One choice is to draft up a contract and hire a lot of people. Provide them with GPS units configured to take readings providing the data you need, enough batteries to last the contract, and instructions (plug it in with this cable to upload nightly, email me this file, etc.)
You'd definitely need to write in the contract how you would restrict the distribution of the data and anonymize it to protect it (perhaps providing a rough half-mile radius of exclusion around the points the person indicates are private,) and you might even consider buying insurance against loss. If traces of peoples' activity became public, they would be filled with information such as, "I leave for work every morning at 7:00 and come home every night at 19:00", and a plot would look like a giant asterisk centered on their house saying "rob this place between 8:00 and 18:00." You can see why you'd need to be concerned about privacy and security.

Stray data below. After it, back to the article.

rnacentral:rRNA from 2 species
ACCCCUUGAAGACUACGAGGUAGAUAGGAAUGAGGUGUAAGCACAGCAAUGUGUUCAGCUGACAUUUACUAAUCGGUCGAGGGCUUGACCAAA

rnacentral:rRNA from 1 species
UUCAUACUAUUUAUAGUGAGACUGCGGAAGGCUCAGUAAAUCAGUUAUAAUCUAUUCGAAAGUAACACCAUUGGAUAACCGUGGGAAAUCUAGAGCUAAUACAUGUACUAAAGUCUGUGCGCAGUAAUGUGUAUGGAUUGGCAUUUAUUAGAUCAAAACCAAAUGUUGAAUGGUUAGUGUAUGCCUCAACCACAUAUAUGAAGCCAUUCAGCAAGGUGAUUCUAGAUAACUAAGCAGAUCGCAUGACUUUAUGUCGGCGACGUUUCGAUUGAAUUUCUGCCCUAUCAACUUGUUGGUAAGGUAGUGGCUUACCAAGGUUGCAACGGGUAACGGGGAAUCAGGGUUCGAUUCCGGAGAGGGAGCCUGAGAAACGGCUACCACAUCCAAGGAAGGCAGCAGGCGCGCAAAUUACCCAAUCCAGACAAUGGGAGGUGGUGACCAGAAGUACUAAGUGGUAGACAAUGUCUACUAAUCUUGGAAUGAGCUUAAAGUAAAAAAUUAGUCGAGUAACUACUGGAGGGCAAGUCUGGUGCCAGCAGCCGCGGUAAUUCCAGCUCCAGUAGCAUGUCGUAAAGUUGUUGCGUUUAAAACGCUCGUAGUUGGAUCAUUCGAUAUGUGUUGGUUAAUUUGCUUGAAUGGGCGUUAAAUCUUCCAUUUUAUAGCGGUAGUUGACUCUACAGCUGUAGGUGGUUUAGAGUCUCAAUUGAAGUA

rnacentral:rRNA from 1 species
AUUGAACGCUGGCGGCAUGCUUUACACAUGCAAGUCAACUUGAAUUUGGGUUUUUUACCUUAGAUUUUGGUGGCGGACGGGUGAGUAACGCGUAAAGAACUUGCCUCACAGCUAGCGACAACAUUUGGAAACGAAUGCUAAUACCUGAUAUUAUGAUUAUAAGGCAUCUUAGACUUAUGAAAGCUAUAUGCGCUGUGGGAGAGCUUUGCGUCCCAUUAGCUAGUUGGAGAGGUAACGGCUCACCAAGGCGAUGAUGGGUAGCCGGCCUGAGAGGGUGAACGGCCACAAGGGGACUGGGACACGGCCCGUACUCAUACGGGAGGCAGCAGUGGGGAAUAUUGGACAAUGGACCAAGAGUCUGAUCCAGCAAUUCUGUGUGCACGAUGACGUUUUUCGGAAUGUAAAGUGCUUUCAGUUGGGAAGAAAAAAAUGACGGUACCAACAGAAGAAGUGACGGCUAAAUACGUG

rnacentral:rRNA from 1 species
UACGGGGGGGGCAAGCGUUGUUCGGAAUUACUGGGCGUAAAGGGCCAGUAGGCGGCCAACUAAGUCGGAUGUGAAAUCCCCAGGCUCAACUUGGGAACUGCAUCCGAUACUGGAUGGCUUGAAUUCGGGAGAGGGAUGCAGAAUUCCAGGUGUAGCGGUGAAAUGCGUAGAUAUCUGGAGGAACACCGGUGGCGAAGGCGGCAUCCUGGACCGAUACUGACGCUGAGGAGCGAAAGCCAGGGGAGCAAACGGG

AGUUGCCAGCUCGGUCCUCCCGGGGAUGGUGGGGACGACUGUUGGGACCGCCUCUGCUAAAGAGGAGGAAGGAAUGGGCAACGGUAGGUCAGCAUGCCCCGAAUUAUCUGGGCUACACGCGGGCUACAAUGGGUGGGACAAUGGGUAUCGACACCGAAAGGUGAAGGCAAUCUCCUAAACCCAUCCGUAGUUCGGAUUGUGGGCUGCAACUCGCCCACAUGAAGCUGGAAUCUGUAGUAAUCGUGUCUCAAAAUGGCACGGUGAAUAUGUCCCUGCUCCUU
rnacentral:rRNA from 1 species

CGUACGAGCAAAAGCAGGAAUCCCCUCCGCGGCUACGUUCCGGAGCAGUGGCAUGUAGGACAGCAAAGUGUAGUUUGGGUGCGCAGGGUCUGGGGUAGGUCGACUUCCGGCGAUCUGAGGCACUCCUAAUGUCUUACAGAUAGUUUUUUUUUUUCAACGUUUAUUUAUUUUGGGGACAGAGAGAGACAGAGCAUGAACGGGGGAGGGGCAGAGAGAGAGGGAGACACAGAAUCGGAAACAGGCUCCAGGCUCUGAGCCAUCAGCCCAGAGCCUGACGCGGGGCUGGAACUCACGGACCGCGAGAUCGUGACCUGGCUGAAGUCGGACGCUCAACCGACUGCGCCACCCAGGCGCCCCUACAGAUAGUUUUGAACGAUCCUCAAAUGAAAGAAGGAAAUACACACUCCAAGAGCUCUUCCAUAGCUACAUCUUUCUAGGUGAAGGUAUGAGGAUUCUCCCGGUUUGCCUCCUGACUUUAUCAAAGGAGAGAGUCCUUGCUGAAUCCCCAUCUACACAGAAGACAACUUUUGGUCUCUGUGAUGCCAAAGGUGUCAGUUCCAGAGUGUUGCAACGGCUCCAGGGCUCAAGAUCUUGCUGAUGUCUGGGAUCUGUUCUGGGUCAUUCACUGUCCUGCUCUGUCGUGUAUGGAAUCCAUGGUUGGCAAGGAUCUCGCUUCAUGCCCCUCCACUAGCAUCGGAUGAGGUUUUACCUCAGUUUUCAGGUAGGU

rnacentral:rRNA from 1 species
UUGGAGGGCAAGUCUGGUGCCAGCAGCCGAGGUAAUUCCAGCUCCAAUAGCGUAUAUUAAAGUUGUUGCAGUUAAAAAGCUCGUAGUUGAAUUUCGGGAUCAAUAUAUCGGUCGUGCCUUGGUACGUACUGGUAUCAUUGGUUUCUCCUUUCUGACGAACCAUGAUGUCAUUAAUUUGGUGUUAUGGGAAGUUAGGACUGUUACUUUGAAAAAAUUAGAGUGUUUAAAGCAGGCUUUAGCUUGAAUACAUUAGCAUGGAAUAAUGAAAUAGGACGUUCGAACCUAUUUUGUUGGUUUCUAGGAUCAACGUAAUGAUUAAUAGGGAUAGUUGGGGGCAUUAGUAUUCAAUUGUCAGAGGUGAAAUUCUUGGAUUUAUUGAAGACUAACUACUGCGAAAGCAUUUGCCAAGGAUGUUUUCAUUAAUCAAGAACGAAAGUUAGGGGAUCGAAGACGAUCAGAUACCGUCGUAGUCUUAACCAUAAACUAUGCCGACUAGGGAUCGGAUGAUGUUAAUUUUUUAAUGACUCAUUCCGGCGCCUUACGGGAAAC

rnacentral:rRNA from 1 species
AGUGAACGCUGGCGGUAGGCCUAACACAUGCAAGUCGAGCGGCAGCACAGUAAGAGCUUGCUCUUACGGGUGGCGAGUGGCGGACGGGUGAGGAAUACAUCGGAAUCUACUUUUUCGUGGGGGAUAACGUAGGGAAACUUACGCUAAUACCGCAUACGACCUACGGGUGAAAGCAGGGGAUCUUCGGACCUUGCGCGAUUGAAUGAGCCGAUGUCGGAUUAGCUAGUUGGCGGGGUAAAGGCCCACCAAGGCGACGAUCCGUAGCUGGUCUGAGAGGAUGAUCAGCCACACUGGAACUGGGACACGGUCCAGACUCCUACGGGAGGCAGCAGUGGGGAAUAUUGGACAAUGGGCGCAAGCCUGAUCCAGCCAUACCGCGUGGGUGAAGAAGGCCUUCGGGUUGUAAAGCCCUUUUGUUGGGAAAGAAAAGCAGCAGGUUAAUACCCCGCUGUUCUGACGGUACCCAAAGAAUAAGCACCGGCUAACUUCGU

If you think about it, you're asking for some very expensive data. And without a statistically large enough set, it's going to be of dubious value. Think of how different traces would be between a construction worker (a new repetitive commute after every completed building), a postal carrier (a very repetitive and very serpentine route), an office worker (a mostly repetitive direct route), and a tow truck driver (new routes continually.) Socioeconomic status might impact the traces: lower incomes might follow public transit lines more and travel less. Parents of school-aged children might have average higher after-work commuting miles. Not to mention the guy who drives the Google Street View cars.
None of those traces are likely to intersect any of the others in any meaningful way.
The number of unique styles are likely to be finite, but so high as to require a significant budget to obtain. And that would be in just one city.
You might be able to obtain a smaller (cheaper) set of data if you defined your goals better. If you're trying to quantify the various types of patterns, maybe you sample a broad range of people in a variety of cities. If you're trying to figure out who would benefit from mass transit, or where to lay commuter rail corridors, you're probably better off counting cars on the various roadways around the area you're planning to serve and conducting surveys.